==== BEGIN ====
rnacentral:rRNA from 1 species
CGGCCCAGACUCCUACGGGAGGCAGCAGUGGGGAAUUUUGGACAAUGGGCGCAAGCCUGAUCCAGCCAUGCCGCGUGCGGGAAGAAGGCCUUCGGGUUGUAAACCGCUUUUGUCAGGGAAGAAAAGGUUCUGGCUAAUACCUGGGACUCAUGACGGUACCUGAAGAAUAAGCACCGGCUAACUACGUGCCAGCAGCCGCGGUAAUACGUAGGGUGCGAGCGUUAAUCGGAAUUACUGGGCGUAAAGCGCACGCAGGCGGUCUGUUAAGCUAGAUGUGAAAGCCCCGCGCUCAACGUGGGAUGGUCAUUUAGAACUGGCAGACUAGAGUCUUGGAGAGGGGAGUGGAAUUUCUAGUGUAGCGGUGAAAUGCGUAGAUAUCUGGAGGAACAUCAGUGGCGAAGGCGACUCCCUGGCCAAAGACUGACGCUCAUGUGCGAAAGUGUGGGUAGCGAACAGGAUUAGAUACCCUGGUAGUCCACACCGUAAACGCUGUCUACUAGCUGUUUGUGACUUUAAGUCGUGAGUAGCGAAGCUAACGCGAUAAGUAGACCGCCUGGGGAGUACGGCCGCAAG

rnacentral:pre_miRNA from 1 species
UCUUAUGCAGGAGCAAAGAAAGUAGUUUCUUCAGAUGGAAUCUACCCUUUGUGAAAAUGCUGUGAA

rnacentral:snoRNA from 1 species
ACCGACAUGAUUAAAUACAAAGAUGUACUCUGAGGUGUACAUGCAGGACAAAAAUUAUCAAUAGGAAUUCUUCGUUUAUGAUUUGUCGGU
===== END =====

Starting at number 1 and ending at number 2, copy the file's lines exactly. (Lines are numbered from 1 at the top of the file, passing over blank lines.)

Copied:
rnacentral:rRNA from 1 species
CGGCCCAGACUCCUACGGGAGGCAGCAGUGGGGAAUUUUGGACAAUGGGCGCAAGCCUGAUCCAGCCAUGCCGCGUGCGGGAAGAAGGCCUUCGGGUUGUAAACCGCUUUUGUCAGGGAAGAAAAGGUUCUGGCUAAUACCUGGGACUCAUGACGGUACCUGAAGAAUAAGCACCGGCUAACUACGUGCCAGCAGCCGCGGUAAUACGUAGGGUGCGAGCGUUAAUCGGAAUUACUGGGCGUAAAGCGCACGCAGGCGGUCUGUUAAGCUAGAUGUGAAAGCCCCGCGCUCAACGUGGGAUGGUCAUUUAGAACUGGCAGACUAGAGUCUUGGAGAGGGGAGUGGAAUUUCUAGUGUAGCGGUGAAAUGCGUAGAUAUCUGGAGGAACAUCAGUGGCGAAGGCGACUCCCUGGCCAAAGACUGACGCUCAUGUGCGAAAGUGUGGGUAGCGAACAGGAUUAGAUACCCUGGUAGUCCACACCGUAAACGCUGUCUACUAGCUGUUUGUGACUUUAAGUCGUGAGUAGCGAAGCUAACGCGAUAAGUAGACCGCCUGGGGAGUACGGCCGCAAG